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RON ATHEY

September 16 - October 18, 2006 at Western Project, Culver City

by John O'Brien




Ron Athey, still from "The Judas Cradle",
2006, with Ron Athey and Julia Snapper
.






Ron Athey, still from "The
Judas Cradle", 2006.







Ron Athey, still from "The
Judas Cradle", 2006
.




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Ron Athey, still from
"Saint Sebastian," 1997.

Performance artist Ron Athey has long been known for his challenging, sexually explicit and very extreme art work.  Through performances that combine pomp, ritual, duration and physical action, Athey lays open the vulnerability of the human body with a--sometimes literally--surgical precision.  He accomplishes this in ways unlike any other artist working within this context.  His actions contain some of the same visceral qualities and the direct transformation of bodily flesh seen in the works of such artists as Bob Flanagan, Gina Pane, and Rudolph Swartzkogler.  But his staging is of a different, more ornate and elaborate order.  Hermann Nitsch's orgiastic group performances are somewhat closer in spirit to the presentational device which Athey favors.  The decidedly theatrical and operatic qualities differentiate Athey’s work from these precedents.  It is only in the context of the crossbred, hybrid art form he has fashioned that his exclusion from the exhibition “Into me / Out of Me,” at PS1 in New York, is understandable.  Is it possible to be an outsider's outsider?  Certainly, in an exhibition described as being an exhaustive survey of "how artists have explored the physical and psychological boundaries of their bodies and those of others creating images of fragility and strength, illness and suffering, tenderness and violence," his absence from that New York venue is glaring.

The current exhibition features video still images taken from his duodrama, “Judas Cradle.”  The actual Judas Cradle device, inspired by the original design, is a pyramid cast in resin on which Athey performs (literally embedded).  Next to him on a podium is the opera singer Juliana Snapper, who acts as his interrogator throughout.  Together, they use the body and their voices, as well as projected images and elaborate costumes, to explore the history of torture and personal suffering.  Their multilingual libretto is built from disparate sources, including the transcripts of Inquisition hearings, opera quotes and the author Jean Genet.  Their vocal techniques include high-pitched duets and speaking in tongues.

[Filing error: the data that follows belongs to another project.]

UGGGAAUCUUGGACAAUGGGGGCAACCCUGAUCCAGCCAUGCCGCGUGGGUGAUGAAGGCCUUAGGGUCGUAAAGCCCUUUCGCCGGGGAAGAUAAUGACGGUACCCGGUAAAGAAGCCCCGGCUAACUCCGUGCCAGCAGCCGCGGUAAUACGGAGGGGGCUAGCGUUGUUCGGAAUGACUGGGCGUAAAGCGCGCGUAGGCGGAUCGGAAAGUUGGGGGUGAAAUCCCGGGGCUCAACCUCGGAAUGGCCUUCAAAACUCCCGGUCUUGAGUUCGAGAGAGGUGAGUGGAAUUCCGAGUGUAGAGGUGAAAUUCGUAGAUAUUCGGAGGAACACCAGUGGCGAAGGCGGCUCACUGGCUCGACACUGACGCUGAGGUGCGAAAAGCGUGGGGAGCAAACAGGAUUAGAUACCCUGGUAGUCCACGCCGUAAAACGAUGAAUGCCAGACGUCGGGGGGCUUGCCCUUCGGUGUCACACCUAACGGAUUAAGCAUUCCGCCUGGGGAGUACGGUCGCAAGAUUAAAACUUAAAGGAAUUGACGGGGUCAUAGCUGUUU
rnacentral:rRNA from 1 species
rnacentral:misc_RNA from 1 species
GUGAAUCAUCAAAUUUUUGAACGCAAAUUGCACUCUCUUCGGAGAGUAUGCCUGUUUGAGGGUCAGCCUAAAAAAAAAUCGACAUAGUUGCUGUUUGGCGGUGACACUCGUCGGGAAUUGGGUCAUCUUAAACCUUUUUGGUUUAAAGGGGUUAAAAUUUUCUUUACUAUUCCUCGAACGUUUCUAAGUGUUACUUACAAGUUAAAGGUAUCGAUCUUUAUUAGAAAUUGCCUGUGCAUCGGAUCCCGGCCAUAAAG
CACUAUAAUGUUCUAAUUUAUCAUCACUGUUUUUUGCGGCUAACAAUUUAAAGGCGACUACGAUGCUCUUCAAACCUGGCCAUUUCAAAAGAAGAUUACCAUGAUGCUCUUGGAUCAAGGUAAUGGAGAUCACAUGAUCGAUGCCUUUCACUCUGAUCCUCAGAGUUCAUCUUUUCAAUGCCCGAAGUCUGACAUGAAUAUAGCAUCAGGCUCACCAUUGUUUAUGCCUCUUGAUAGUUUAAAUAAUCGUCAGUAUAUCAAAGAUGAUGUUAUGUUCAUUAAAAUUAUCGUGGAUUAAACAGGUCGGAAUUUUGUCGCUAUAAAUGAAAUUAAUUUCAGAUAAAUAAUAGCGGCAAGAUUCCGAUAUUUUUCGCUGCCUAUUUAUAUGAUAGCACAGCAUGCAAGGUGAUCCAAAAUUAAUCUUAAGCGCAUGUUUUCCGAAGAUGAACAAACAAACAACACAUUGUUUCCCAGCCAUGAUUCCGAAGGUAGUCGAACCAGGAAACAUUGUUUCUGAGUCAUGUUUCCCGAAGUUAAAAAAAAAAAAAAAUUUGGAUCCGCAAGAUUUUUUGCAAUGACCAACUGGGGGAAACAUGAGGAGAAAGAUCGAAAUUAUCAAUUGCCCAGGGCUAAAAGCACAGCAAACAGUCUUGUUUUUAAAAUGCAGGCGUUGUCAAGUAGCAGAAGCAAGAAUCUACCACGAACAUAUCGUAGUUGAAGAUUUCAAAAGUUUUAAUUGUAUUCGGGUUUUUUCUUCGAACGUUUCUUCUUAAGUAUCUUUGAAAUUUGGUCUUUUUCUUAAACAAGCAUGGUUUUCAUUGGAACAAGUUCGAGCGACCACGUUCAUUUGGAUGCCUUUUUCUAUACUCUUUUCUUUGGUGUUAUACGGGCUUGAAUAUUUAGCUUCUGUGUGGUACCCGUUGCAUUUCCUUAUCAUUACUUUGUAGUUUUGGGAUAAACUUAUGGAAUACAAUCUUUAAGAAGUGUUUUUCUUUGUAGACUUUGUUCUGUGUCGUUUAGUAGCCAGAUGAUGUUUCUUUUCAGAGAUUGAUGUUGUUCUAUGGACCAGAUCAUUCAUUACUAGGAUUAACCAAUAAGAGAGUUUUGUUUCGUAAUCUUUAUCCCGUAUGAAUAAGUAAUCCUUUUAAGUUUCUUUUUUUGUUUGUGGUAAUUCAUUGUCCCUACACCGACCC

In performance, the sequence of actions he works upon his body are often derived from torture or other painful and controlling methods.  The sounds of the actions can go well beyond most viewers' ability to withstand them.  The tension and the duration of these extreme actions make them hard to follow without turning away.  The unbearable intensity of this is redistributed and, to some degree, reduced by the distancing effect exerted by photographic stills.  A further advantage—setting aside the aforementioned observations--is that this permits a clearer view of how Athey sets up the hard-to-imagine scenes of his stories.

Sumptuously framed against a backdrop of black or dark blue cloth, his naked and tattooed body stands out as a vulnerable and physically fragile construct within a world of restraints and constraints.  His performances reveal how the body functions as an interface between a spirit and the world.  He underlines just how fragile the body is: a naked and easily breakable thing.  Photography also allows him to freeze-frame his almost entirely tattooed body, which is an integral and regular part of his artwork.  His “Solar Anus” (I suspect so named as an homage to the surrealist writer Georges Bataille) consists of black sunrays pouring out in streams of black light and triangles.  It is featured prominently in all of his images.  This, along with the arrowed perforations of his heavily muscled torso, both relate to his own artistic narcissism and to the history of painting with its abundance of images of beautiful dying saints and martyrs from medieval times to the present.

It has been written that from within his experience of it, the body is a kind of prison, the outmost limits of which he seeks to know, right up to the definitive transformation of death.  This is also a theme from the history of opera.  Often, the main characters in the librettos die, or are soon to be taken away by Death.  The long soaring voices, which distort the phonetic value of the spoken words, give opera its distinctive aural qualities.  Athey has found another dimension in which to express this cry, this frailty and mourning.